Expand ULink to transfer students

Additional support would ease the transition to U.Va.

op-ULink-CourtesyUniversityofVirginia copy

One meaningful experience that U.Va. — through Student Council — has provided to incoming first-years is the University Peer Advising Link

Courtesy University of Virginia

Joining the University community can be a daunting process as students leave their previous experiences behind. For incoming first-year students, navigating Grounds is made easier with University support. One meaningful experience that U.Va. — through Student Council — has provided to incoming first-years is the University Peer Advising Link. Transfer students go through similar trials, considering the daily life of a student at the University can vary significantly from that student’s previous college experience. Their transition, however, is not sufficiently supported by the University. In an effort to better adjust transfer students to life at the University, ULink should expand its services beyond first-years, and accept applications from any new student. 

Started in the fall of 2013, ULink connects first-years with upperclass students in the hopes of easing the transition into college life. The 2014-15 academic year was the first in which they accepted first-year advisees, and from an applicant pool of 1,400 students, the program was able to match 400 new students with over 100 student advisors. In the next year, ULink expanded its services to accommodate over 1,200 new students, increasing its number of student advisors to approximately 240. The program’s expansion continued for the next two years, and 2017-18 is projected to be a ground-breaking year of participation. Supported through  the U.Va. Parents Fund and Committee, ULink has continuously increased its coverage of first-year students in an effort to provide meaningful support to those entering the University. In light of this goal, the program should expand further to incorporate transfer students.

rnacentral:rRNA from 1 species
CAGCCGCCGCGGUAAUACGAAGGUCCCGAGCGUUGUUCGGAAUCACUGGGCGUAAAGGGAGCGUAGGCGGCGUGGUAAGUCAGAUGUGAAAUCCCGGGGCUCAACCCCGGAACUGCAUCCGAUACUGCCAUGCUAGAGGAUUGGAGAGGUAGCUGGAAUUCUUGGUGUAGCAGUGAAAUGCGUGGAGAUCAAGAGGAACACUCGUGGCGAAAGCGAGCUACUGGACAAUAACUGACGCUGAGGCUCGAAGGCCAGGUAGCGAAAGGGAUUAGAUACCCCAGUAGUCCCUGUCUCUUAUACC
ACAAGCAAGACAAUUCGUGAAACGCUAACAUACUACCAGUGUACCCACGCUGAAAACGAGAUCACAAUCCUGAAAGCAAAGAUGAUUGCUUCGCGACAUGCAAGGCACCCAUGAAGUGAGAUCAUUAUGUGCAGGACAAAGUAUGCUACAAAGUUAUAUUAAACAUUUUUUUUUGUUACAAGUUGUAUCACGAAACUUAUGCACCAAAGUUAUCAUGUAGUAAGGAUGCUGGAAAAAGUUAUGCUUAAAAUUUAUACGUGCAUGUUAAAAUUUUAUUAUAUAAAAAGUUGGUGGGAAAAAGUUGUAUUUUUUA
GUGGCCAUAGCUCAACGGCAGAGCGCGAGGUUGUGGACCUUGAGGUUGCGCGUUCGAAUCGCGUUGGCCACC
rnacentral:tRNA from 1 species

Transfer students are well-suited for participation in the ULink program. First, their previous experiences are not necessarily similar to the life of a University student. The approximately 600 transfer students who enroll each fall semester come from a variety of backgrounds, including community colleges, in-state and out-of-state four-year institutions, each of which provides students with a unique experience that can vary significantly from their time at the University. Currently, the University provides the Transfer Student Peer Advisor Program. The advisors in this program are often transfer students themselves, which is helpful in giving students the resources they need to adjust to the initial stages of University life. The program, however, needs additional support to accomplish the main goal of transferring to the University — integrating new students into the broader community. 

Although Transfer Student Peer Advisors may be able to educate students about the best ways to deal with the transition, the ULink program is better suited for learning to engage in the University community, and transfer students should have access to programs that help them branch out from the transfer student community. ULink can supplement the work of the Transfer Student Peer Advisors because ULink Peer Advisors can connect students with similar interests and fields of study. Transfer students should have equal access to programs available to four-year University students.

University life can be a rich and fulfilling experience if students are aware of how to take advantage of the opportunities around them. The ULink system provides a meaningful introduction for first-year students, and this experience would greatly benefit transfer students. Student Council should expand the program in an effort to fully integrate transfer students into the University community.

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